The last article in this section is that of Fordell et al. (2011). They designed a VR Diagnostic Test Battery (VR-DiSTRO). The battery included the virtual version of four classical sub-tests: Star Cancellation and Line Bisection Test (Wilson et al., 1987), Visual Extinction Test (Geeraerts et al., 2005), and Baking Tray Task (Tham, 1996). During the experiment, patients have to do both virtual and classic versions of the test. The patients used a robotic pen (Phantom Omni haptic device) and shutter glasses for stereoscopic vision. All virtual tests took 15 min. The sample was composed of 31 post-stroke patients: 12 had a left-sided lesion and 19 had a right-sided one. VR-DiSTRO correctly identified the USN patients in the group, showing a 100% sensitivity and 82% specificity to correctly identify USN in the sample. Additionally, 77% of the sample said that the system was easy to use. The agreement with paper-and-pencil tests was moderate to almost perfect, indicating that this virtual battery was able to detect USN at least as well as the classic tests.
The Application of VR in the Rehabilitation of USN
In order to investigate the potential of VR in USN rehabilitation, we provided an overview of the most recent studies showing different and alternative solutions compared with the traditional methods of rehabilitation. First of all, neuropsychological rehabilitation of USN must take into account the specific needs of each patient. For this reason, a more customizable neuropsychological application is essential.
The traditional rehabilitation methods are often characterized by repetitive exercises, non-consideration of the individual patients' differences and needs, and the inability to generalize the performance and outcomes as not measured and quantified. For instance, the prisms technique, one of the most effective techniques in the neuropsychological rehabilitation of USN, induces an optical shift of the visual field to the right; the patients have an adaptation to this visual distortion that reduces neglect symptoms (Rossetti et al., 1998; Jacquin-Courtois et al., 2013; Leigh et al., 2015). Between the various techniques it is the most effective one, but not yet to be widely used in clinical practice. For this reason there is a need for innovative rehabilitations methods able to decrease USN behavior for long-term.
Kim et al. (2011) examined 24 stroke patients with USN divided into two groups. The VR group (n = 12) received a VR training with a system equipped with a monitor, a video camera, and computer-recognizing gloves. Patients had to complete three tasks: “Bird and Ball” (i.e., they had to touch a flying ball to turn it into a bird), “Coconut” (i.e., they had to catch coconuts falling from a tree), and “Container” (i.e., they had to move a box from one side to another). The control group (n = 12) received conventional USN therapy such as reading, visual tracking, writing, drawing and copying, and puzzles. Both groups had daily sessions of 30 min day, five sessions per week for 3 weeks. Both groups were assessed with conventional USN tests such as: the Star Cancellation Test and the Line Bisection Test (Wilson et al., 1987), the CBS (Azouvi et al., 2003) and the Korean version of the Modified Bartel Index (K-MBI; Jung et al., 2007). Results showed that only the VR group improved in the Star Cancellation Test (Wilson et al., 1987) and in the CBS (Azouvi et al., 2003) after the rehabilitation period.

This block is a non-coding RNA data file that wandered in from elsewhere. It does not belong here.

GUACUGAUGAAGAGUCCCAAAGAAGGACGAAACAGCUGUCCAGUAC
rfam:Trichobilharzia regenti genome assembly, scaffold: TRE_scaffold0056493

Navarro et al. (2013) assessed the clinical validation, usability, and convergent validity of the “Virtual Street Crossing System” (Mesa-Gresa et al., 2011) to find out if it could be used for rehabilitation of USN. Their sample was composed of 17 USN patients, 15 non-USN patients and 15 control subjects. The rehabilitation task was the same used by Mesa-Gresa and colleagues in their study (Mesa-Gresa et al., 2011) and described previously. After the virtual task patients were administered a modified version of the Short Feedback Questionnaire (SFQm; Witmer and Singer, 1998). Patients were also assessed with some neuropsychological tests like: BIT, CPT-II, Stroop Test, Color Trail Test, BADS—Zoo Map Test, and Key Search Test (Peña-Casanova et al., 2006). The assessment was administered 3 days before or after the VR session. Patients with USN showed a lack of efficacy in the task, for example, they made more accidents than other groups. The results of their study showed the clinical effectiveness of the street-crossing system as confirmed by the VR outcomes, and the correlation with the scores of the neuropsychological tests.